Urban legends are contagious

A couple of days ago I saw a tweet claiming that people in California are throwing “measles parties” to deliberately expose their children to measles. It linked to a story on the LA Times website. All the responses that I saw to the tweet were about how dumb those people are.

There’s only one problem: The article actually says there have been no reports of measles parties. The article presents a warning by state epidemiologist Dr. Gil Chavez, but states:

Chavez issued the statement after KQED reported that a Marin County mother had been invited to expose her two young children to a child who had contracted measles. The mother, [redacted], whose 6- and 8-year-olds are not vaccinated, told KQED that she declined the offer.

The Times was not able to reach [redacted] on Monday and has not been able to confirm that any measles parties have taken place.

The added emphasis is mine, and I’ve redacted the mother’s name since I don’t want to add to the wave of harassment she’s undoubtedly going to get from morons.

How can anyone read that article and think that people are actually holding measles parties? Credulous people read not the words in the article, but what they want to believe. A lot of people want to think (not entirely without reason) that the anti-vaccination crowd is stupid, so they’ll look at an article and see only the warning against “measles parties,” possibly not even reading past that sentence, and invent the rest in their heads.

(People did once deliberately expose their children to measles, chicken pox, and the like, figuring they’d get those diseases anyway, and it might as well be at a planned time. That was a different time, though, when vaccines weren’t widely available or didn’t exist at all. It also doesn’t help that in some cases, the site throws a pop-up in front of the story saying it doesn’t like your browser.)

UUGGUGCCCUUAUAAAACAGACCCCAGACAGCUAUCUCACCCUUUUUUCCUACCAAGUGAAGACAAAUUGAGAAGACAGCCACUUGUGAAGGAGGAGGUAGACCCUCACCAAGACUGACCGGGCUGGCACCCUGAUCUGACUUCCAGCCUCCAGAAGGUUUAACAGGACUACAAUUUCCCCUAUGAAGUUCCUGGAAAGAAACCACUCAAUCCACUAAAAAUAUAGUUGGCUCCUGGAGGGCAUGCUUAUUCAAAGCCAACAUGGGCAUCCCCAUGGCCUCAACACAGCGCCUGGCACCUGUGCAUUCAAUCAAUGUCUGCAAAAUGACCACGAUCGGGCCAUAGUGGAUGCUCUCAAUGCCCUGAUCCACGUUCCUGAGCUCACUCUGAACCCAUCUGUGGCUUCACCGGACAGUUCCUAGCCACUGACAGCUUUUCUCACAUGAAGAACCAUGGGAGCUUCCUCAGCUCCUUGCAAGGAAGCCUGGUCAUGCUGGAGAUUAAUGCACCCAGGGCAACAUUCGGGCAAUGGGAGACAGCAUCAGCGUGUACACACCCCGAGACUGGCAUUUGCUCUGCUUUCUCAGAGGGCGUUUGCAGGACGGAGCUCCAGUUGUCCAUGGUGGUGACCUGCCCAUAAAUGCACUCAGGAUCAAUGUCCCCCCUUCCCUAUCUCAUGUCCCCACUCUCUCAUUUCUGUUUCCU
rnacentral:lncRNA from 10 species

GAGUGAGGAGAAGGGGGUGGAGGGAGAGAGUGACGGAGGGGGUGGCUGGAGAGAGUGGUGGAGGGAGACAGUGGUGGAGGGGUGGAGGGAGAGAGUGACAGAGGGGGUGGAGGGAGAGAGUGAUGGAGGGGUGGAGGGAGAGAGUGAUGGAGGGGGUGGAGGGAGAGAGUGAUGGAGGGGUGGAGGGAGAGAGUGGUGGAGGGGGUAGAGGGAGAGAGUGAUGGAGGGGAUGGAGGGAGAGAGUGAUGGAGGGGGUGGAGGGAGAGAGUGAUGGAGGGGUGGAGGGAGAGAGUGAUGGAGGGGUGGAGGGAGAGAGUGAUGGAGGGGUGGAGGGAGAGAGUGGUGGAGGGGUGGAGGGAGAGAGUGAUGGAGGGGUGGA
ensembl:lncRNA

People can even be credulous about unsupported claims of the existence of unsupported claims. Recently on Google+ I saw a post whose headline said that somebody was asserting that there are 300 million 5-year-old prostitutes in the US. It linked to an article that didn’t cite anything close to that claim being made by anyone. The author might have intended the headline as obvious hyperbole, but commenters accepted that someone was making that claim, and the Google+ poster didn’t bother to correct them.

When a story is in line with people’s prior assumptions, they’ll very often swallow it without any critical thought. It fits their narrative, so it must be true. I have to watch out that I’m not doing the same thing. At first I though that Darren Wilson’s shooting of Michael Brown in Ferguson was a typical case of unjustified police violence, but the evidence I’ve read about since then clearly discredits the story of an unresisting Brown saying “Don’t shoot!” The story was plausible, because of irregularities in the police investigation and the Ferguson police’s horrible record, but it wasn’t true. It took me a while to realize that, and many people are still convinced it’s true in spite of the forensic evidence.

Perhaps we need to be especially careful when our first reaction to a report is “Just as I expected!” What we expect isn’t always true.

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